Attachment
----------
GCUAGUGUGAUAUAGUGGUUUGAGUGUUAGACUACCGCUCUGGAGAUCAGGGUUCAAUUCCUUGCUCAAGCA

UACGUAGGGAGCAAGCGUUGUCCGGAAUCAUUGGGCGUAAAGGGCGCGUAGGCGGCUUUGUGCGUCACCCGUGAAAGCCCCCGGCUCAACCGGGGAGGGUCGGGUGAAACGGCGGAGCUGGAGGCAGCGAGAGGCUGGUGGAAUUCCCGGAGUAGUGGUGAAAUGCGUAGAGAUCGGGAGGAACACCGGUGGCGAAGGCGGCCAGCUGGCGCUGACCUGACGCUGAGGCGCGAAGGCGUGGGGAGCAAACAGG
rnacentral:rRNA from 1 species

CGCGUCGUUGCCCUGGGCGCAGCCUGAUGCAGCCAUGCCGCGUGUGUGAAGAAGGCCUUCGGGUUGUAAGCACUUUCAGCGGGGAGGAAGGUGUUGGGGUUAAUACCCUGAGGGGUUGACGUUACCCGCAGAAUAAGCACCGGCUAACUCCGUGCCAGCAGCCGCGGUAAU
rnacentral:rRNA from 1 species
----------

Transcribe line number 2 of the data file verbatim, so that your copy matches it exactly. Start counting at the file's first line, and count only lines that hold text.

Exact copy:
UACGUAGGGAGCAAGCGUUGUCCGGAAUCAUUGGGCGUAAAGGGCGCGUAGGCGGCUUUGUGCGUCACCCGUGAAAGCCCCCGGCUCAACCGGGGAGGGUCGGGUGAAACGGCGGAGCUGGAGGCAGCGAGAGGCUGGUGGAAUUCCCGGAGUAGUGGUGAAAUGCGUAGAGAUCGGGAGGAACACCGGUGGCGAAGGCGGCCAGCUGGCGCUGACCUGACGCUGAGGCGCGAAGGCGUGGGGAGCAAACAGG